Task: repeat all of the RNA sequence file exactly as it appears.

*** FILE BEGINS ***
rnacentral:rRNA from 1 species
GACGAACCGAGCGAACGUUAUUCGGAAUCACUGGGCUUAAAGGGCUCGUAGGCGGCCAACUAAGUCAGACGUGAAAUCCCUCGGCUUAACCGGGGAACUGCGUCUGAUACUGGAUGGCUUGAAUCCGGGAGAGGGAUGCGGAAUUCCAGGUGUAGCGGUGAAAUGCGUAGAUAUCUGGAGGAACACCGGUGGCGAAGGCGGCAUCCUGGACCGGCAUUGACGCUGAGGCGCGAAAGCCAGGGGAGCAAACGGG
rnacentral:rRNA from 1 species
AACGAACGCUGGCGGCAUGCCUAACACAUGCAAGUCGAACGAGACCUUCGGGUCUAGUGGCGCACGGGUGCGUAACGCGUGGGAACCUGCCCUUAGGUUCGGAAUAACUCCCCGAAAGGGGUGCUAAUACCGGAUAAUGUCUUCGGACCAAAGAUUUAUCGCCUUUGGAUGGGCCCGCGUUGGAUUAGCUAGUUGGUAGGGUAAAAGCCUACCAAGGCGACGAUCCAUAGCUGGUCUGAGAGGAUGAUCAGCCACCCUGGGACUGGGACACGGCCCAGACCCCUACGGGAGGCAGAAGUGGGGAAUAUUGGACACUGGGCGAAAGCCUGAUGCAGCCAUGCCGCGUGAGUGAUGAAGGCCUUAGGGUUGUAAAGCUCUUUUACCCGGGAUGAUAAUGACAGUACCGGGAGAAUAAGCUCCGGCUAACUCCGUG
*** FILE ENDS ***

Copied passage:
rnacentral:rRNA from 1 species
GACGAACCGAGCGAACGUUAUUCGGAAUCACUGGGCUUAAAGGGCUCGUAGGCGGCCAACUAAGUCAGACGUGAAAUCCCUCGGCUUAACCGGGGAACUGCGUCUGAUACUGGAUGGCUUGAAUCCGGGAGAGGGAUGCGGAAUUCCAGGUGUAGCGGUGAAAUGCGUAGAUAUCUGGAGGAACACCGGUGGCGAAGGCGGCAUCCUGGACCGGCAUUGACGCUGAGGCGCGAAAGCCAGGGGAGCAAACGGG
rnacentral:rRNA from 1 species
AACGAACGCUGGCGGCAUGCCUAACACAUGCAAGUCGAACGAGACCUUCGGGUCUAGUGGCGCACGGGUGCGUAACGCGUGGGAACCUGCCCUUAGGUUCGGAAUAACUCCCCGAAAGGGGUGCUAAUACCGGAUAAUGUCUUCGGACCAAAGAUUUAUCGCCUUUGGAUGGGCCCGCGUUGGAUUAGCUAGUUGGUAGGGUAAAAGCCUACCAAGGCGACGAUCCAUAGCUGGUCUGAGAGGAUGAUCAGCCACCCUGGGACUGGGACACGGCCCAGACCCCUACGGGAGGCAGAAGUGGGGAAUAUUGGACACUGGGCGAAAGCCUGAUGCAGCCAUGCCGCGUGAGUGAUGAAGGCCUUAGGGUUGUAAAGCUCUUUUACCCGGGAUGAUAAUGACAGUACCGGGAGAAUAAGCUCCGGCUAACUCCGUG